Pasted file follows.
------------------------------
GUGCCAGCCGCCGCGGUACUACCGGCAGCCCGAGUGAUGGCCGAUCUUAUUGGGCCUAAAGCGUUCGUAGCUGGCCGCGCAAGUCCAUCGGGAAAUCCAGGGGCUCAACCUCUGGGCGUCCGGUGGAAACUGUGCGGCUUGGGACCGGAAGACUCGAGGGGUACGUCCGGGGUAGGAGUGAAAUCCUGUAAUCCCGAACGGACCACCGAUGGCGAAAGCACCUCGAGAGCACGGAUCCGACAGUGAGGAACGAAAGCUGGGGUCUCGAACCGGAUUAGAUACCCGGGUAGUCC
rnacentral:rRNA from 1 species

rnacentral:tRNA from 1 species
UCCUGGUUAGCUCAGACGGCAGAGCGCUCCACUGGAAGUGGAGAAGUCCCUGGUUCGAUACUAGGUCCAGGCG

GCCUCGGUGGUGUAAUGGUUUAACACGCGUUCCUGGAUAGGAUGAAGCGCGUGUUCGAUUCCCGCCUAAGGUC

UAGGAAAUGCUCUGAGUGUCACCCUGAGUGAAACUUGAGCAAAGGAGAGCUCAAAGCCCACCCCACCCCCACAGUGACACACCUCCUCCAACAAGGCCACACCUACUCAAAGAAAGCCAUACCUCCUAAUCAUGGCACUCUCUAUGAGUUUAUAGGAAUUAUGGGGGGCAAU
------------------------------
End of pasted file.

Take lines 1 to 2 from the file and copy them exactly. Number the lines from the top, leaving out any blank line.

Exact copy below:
GUGCCAGCCGCCGCGGUACUACCGGCAGCCCGAGUGAUGGCCGAUCUUAUUGGGCCUAAAGCGUUCGUAGCUGGCCGCGCAAGUCCAUCGGGAAAUCCAGGGGCUCAACCUCUGGGCGUCCGGUGGAAACUGUGCGGCUUGGGACCGGAAGACUCGAGGGGUACGUCCGGGGUAGGAGUGAAAUCCUGUAAUCCCGAACGGACCACCGAUGGCGAAAGCACCUCGAGAGCACGGAUCCGACAGUGAGGAACGAAAGCUGGGGUCUCGAACCGGAUUAGAUACCCGGGUAGUCC
rnacentral:rRNA from 1 species